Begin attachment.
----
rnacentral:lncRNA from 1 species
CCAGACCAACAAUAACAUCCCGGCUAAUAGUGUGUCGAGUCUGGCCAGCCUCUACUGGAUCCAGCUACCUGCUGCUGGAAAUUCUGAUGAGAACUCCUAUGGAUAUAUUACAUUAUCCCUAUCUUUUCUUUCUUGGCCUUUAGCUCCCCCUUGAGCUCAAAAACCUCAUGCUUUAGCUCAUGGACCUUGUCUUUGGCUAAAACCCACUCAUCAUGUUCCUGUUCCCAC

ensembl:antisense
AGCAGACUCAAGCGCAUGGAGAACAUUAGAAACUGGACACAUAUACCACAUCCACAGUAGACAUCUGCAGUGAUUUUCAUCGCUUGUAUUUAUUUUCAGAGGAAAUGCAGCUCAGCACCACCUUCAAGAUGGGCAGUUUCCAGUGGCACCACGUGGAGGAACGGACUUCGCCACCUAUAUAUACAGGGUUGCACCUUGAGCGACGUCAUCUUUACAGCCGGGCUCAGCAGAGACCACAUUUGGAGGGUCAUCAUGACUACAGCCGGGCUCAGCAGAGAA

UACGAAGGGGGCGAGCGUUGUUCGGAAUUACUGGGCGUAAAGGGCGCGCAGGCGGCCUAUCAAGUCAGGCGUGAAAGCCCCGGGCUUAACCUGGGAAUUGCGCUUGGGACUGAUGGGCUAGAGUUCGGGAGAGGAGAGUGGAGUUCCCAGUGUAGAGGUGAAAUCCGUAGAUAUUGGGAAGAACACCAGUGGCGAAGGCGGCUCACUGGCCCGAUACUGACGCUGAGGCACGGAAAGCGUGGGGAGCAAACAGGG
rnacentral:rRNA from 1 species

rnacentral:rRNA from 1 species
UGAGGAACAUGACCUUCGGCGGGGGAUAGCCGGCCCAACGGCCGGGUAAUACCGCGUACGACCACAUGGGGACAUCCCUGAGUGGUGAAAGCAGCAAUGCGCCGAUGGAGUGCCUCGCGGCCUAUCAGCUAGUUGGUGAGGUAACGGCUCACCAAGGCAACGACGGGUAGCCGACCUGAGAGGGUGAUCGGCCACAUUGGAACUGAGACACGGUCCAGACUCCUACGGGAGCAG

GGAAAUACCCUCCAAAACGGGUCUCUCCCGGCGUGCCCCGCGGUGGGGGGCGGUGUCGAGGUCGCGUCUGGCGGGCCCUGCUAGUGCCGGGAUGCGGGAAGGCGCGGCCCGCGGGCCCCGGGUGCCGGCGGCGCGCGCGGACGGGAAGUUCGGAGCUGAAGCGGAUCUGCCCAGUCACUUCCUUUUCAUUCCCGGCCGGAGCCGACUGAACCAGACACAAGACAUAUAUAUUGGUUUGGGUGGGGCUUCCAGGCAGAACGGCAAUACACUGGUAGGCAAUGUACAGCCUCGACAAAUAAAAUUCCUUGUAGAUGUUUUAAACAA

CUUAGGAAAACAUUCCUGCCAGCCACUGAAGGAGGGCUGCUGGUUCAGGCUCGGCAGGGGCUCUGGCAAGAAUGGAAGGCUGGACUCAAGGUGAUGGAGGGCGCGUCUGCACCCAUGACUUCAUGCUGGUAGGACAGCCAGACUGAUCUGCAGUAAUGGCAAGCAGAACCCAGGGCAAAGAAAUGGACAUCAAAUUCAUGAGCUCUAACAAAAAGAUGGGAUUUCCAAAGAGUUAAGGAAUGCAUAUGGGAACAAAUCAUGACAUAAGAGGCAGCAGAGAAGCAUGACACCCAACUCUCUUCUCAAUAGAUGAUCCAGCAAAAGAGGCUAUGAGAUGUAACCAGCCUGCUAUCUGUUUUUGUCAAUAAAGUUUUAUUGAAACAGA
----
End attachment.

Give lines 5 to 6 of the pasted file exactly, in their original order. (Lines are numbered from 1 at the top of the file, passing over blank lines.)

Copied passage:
UACGAAGGGGGCGAGCGUUGUUCGGAAUUACUGGGCGUAAAGGGCGCGCAGGCGGCCUAUCAAGUCAGGCGUGAAAGCCCCGGGCUUAACCUGGGAAUUGCGCUUGGGACUGAUGGGCUAGAGUUCGGGAGAGGAGAGUGGAGUUCCCAGUGUAGAGGUGAAAUCCGUAGAUAUUGGGAAGAACACCAGUGGCGAAGGCGGCUCACUGGCCCGAUACUGACGCUGAGGCACGGAAAGCGUGGGGAGCAAACAGGG
rnacentral:rRNA from 1 species